Europe’s gas price cap and how to evade it
After months of debate, the EU this week finally agreed on a gas price cap designed to help the bloc tackle an energy crisis. The cap is triggered if Europe’s benchmark gas price, the Dutch Title Transfer Facility (TTF) gas hub’s front-month contract, exceeds 180 euros per megawatt hour and is 35 euros/MWh higher than LNG prices for three days. Effectively, the provision means that the price at which gas can be traded is capped, but the capped level can fluctuate alongside global LNG prices so that EU countries can still bid at competitive prices on global markets.
Russia is unhappy with the cap. Hungary voted against it. And the Intercontinental Exchange, which hosts the Dutch Title Transfer Facility (TTF) gas hub, has warned it may relocate the hub outside of the EU as a result of the price cap.
Disagreements over the gas price cap aside, it may ultimately prove easy to dodge, undermining EU efforts to tame energy prices. Analysts say that traders can evade the cap by switching contracts. Another loophole: Traders can simply move their gas trading off energy exchanges and conduct private transactions instead.
China and India snap up cheap Russian fuels
Meanwhile, shipments of Russian seaborne crude oil have plunged in the first full week since the EU’s ban on such imports took effect on December 5, according to vessel tracking data monitored by Bloomberg.
Key beneficiaries of the EU import ban, and its associated price cap of 60 USD per barrel, are India and China. The former is buying barrels of Russian Urals below the cap, while refiners from the latter are bidding at lower prices as Moscow diverts West-bound crude to Asia. China is also snapping up record amounts of Russian LNG and coal.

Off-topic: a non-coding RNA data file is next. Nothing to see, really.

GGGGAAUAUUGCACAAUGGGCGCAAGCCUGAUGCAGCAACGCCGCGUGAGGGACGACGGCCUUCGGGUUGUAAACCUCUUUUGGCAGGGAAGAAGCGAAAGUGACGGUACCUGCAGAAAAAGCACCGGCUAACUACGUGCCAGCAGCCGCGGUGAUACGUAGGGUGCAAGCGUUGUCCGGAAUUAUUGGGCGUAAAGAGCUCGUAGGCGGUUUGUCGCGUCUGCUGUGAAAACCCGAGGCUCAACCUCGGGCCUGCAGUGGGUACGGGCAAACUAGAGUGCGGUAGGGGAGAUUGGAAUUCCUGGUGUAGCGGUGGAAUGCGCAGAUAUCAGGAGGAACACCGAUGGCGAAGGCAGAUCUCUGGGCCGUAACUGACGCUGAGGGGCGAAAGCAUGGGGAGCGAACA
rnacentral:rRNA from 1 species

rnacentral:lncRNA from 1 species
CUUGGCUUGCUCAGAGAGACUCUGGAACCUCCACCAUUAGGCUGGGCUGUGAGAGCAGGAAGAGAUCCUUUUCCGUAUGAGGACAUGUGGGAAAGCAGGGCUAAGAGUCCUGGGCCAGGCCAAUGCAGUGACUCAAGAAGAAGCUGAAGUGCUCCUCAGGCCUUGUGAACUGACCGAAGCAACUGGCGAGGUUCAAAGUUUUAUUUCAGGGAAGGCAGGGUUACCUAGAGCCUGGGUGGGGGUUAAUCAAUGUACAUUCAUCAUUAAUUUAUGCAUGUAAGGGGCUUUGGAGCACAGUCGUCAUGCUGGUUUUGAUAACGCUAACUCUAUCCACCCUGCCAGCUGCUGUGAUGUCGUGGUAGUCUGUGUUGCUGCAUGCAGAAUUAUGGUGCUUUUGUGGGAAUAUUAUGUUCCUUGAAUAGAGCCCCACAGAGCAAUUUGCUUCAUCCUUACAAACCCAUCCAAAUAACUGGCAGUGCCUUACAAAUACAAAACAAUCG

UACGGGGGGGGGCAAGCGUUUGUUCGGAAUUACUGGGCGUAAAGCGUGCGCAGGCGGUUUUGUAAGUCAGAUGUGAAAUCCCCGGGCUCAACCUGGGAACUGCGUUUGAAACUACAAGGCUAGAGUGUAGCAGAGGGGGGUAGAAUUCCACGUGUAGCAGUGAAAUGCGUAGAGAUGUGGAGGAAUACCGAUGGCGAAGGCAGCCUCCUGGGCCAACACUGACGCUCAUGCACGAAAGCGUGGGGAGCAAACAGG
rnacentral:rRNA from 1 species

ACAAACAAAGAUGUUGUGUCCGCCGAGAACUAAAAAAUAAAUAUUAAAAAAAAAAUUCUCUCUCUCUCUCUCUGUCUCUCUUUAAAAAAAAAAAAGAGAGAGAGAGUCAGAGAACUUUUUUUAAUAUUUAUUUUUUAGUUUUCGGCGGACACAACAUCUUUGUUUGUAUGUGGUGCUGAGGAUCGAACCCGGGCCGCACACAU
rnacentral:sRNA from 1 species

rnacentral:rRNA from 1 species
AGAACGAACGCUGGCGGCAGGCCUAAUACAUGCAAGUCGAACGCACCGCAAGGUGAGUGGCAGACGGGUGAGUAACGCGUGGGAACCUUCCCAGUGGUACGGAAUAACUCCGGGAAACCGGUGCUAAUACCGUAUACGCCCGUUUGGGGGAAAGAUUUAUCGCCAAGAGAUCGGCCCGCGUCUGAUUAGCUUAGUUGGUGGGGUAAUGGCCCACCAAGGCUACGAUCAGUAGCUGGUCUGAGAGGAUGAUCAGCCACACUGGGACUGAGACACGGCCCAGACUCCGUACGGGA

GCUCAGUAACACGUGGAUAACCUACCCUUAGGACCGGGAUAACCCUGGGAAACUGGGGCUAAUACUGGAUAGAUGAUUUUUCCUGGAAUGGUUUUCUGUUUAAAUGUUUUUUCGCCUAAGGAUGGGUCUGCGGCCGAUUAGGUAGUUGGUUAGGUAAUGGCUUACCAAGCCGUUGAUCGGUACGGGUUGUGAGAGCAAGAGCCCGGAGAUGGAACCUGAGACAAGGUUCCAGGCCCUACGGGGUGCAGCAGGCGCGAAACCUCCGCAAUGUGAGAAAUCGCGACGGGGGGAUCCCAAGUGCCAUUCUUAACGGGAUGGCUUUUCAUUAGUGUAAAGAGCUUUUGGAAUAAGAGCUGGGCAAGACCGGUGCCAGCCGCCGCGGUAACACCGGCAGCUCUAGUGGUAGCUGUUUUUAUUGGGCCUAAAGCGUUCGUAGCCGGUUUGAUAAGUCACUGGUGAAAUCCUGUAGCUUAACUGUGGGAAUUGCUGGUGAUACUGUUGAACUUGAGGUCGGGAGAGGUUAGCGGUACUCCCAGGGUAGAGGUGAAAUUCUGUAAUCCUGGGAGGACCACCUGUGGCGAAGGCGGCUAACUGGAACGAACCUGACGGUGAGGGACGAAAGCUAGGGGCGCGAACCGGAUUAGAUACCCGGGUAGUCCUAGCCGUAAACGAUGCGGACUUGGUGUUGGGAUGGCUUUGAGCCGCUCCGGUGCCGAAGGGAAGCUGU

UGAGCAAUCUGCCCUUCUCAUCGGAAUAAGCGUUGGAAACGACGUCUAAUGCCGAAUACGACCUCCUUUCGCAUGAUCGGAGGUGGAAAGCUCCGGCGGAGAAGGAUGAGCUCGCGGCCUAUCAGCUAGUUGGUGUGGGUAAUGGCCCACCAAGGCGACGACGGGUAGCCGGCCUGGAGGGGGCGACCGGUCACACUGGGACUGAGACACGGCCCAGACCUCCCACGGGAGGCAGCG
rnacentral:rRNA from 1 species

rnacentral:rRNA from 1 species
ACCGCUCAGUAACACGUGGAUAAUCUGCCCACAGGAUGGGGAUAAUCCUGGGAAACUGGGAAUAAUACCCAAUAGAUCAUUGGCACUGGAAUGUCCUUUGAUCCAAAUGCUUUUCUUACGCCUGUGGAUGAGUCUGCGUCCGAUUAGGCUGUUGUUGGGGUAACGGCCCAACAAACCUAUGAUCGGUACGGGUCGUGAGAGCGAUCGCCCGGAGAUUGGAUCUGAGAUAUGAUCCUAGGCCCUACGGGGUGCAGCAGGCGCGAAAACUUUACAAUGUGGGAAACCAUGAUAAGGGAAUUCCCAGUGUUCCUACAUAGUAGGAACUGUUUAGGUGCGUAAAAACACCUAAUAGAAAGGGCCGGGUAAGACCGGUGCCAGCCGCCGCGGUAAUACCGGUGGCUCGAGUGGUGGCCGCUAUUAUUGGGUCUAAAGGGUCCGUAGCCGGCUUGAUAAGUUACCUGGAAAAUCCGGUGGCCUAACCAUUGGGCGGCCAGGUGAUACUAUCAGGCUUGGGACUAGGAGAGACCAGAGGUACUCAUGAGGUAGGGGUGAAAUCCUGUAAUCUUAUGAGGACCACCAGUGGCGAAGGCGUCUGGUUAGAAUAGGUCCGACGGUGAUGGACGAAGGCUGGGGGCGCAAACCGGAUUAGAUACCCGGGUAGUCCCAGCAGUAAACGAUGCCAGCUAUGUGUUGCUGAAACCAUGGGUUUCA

Moscow is certainly keen to find an energy-hungry customer in China. This week, Russian president Vladimir Putin oversaw the launch of a major new Siberian gas field that will feed the existing Power of Siberia pipeline transporting Russian gas to China.
Strategic petroleum reserve windfall…
As we noted last week, the US government is now soliciting bids from domestic suppliers for 3 million barrels of oil. That purchase will go toward replenishing the nation’s Strategic Petroleum Reserve, sales from which are set to end this month.
So far, it appears Washington has successfully sold high and bought low: It sold 180 million barrels of crude at an average of $96.25 apiece, versus the recent market price of $74.29, netting the government a $4 billion gain.
…and the US strategic uranium reserve makes landfall?
Earlier this year, the US Department of Energy solicited bids for 1 million pounds of domestically-produced uranium to begin building a national reserve of the heavy metal that’s the most widely used fuel for nuclear power plants.
Now, the first contracts have been awarded to begin filling the strategic uranium reserve. Five US companies so far have been selected to supply uranium: Energy Fuels; Strata Energy, the US subsidiary of Australia-based Peninsula Energy; enCore Energy; Ur Energy; and Uranium Energy.
As we recently noted, US uranium production has fallen steeply since peaking in 1980, and the country is now 95% import dependent on uranium for nuclear plants. A uranium reserve is no panacea, but could provide some support for restarting domestic nuclear fuel production.